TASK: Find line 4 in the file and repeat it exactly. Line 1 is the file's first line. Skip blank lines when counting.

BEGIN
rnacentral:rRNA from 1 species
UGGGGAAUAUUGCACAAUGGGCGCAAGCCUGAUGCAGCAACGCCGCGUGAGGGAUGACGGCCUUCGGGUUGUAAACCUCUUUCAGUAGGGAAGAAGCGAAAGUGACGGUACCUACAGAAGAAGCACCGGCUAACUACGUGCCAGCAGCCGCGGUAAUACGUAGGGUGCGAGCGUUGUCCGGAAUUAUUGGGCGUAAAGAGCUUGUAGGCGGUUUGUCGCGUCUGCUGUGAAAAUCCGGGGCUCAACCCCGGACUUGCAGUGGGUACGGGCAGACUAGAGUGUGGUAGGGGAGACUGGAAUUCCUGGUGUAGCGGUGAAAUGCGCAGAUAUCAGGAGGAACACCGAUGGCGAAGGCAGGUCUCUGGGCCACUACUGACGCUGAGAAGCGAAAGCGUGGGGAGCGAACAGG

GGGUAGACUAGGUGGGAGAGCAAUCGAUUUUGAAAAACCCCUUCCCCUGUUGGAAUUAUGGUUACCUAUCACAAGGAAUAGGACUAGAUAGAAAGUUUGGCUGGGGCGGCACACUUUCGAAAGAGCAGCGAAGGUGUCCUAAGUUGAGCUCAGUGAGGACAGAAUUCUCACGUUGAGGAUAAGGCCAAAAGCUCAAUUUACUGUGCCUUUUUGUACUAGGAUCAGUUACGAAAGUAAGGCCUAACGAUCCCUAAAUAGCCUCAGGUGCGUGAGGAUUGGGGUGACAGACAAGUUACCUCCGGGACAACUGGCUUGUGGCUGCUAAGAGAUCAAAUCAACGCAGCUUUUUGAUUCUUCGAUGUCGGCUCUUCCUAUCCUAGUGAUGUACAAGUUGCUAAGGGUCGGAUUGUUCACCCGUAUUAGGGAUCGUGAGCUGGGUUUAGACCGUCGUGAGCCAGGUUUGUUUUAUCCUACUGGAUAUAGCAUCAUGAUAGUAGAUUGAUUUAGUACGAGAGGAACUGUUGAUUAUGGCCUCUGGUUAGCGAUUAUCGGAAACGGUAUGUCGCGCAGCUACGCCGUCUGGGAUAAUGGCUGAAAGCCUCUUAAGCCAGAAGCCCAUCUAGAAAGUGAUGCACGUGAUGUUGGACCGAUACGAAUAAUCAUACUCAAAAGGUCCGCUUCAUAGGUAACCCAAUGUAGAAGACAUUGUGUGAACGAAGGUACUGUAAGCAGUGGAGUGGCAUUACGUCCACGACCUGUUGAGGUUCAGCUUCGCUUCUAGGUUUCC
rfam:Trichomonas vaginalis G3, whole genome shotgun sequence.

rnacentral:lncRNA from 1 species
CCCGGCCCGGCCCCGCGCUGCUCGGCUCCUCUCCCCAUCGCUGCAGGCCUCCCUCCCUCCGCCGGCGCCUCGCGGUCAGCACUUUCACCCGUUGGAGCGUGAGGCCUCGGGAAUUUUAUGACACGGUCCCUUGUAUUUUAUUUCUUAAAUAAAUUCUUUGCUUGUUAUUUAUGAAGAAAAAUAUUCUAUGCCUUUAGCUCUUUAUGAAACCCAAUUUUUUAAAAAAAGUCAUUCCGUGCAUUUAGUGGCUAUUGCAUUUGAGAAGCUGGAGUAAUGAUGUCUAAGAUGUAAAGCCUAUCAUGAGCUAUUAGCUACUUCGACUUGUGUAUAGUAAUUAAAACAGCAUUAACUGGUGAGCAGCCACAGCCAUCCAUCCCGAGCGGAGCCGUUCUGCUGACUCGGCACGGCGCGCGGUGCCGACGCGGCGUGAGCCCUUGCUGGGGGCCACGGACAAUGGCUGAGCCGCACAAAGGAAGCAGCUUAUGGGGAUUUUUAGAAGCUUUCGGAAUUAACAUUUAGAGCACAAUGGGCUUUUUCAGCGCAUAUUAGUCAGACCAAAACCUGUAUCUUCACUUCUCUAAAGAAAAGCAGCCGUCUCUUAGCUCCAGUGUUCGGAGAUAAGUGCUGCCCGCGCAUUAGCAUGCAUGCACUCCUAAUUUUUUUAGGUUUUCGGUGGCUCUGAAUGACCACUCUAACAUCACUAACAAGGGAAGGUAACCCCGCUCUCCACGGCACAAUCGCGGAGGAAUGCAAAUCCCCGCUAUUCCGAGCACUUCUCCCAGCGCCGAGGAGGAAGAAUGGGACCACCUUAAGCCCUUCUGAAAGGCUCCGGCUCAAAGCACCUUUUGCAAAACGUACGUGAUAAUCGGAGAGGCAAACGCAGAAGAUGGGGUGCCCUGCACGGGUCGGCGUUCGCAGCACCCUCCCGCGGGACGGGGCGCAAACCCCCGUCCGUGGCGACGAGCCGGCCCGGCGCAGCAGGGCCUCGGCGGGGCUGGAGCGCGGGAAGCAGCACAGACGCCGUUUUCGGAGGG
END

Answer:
rfam:Trichomonas vaginalis G3, whole genome shotgun sequence.